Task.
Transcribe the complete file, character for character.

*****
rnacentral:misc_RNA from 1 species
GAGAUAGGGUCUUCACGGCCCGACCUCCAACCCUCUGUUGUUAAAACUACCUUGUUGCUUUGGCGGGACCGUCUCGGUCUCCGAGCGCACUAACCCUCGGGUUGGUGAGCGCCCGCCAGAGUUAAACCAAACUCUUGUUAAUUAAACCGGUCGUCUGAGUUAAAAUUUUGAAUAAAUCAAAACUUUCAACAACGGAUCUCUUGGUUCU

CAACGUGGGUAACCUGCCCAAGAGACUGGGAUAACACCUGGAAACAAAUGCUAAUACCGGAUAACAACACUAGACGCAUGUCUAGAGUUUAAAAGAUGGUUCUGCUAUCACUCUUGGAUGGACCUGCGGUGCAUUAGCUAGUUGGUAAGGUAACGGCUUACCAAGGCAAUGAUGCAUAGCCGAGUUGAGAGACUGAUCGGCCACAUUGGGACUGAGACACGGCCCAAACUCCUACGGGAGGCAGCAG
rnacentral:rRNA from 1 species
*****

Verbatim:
rnacentral:misc_RNA from 1 species
GAGAUAGGGUCUUCACGGCCCGACCUCCAACCCUCUGUUGUUAAAACUACCUUGUUGCUUUGGCGGGACCGUCUCGGUCUCCGAGCGCACUAACCCUCGGGUUGGUGAGCGCCCGCCAGAGUUAAACCAAACUCUUGUUAAUUAAACCGGUCGUCUGAGUUAAAAUUUUGAAUAAAUCAAAACUUUCAACAACGGAUCUCUUGGUUCU

CAACGUGGGUAACCUGCCCAAGAGACUGGGAUAACACCUGGAAACAAAUGCUAAUACCGGAUAACAACACUAGACGCAUGUCUAGAGUUUAAAAGAUGGUUCUGCUAUCACUCUUGGAUGGACCUGCGGUGCAUUAGCUAGUUGGUAAGGUAACGGCUUACCAAGGCAAUGAUGCAUAGCCGAGUUGAGAGACUGAUCGGCCACAUUGGGACUGAGACACGGCCCAAACUCCUACGGGAGGCAGCAG
rnacentral:rRNA from 1 species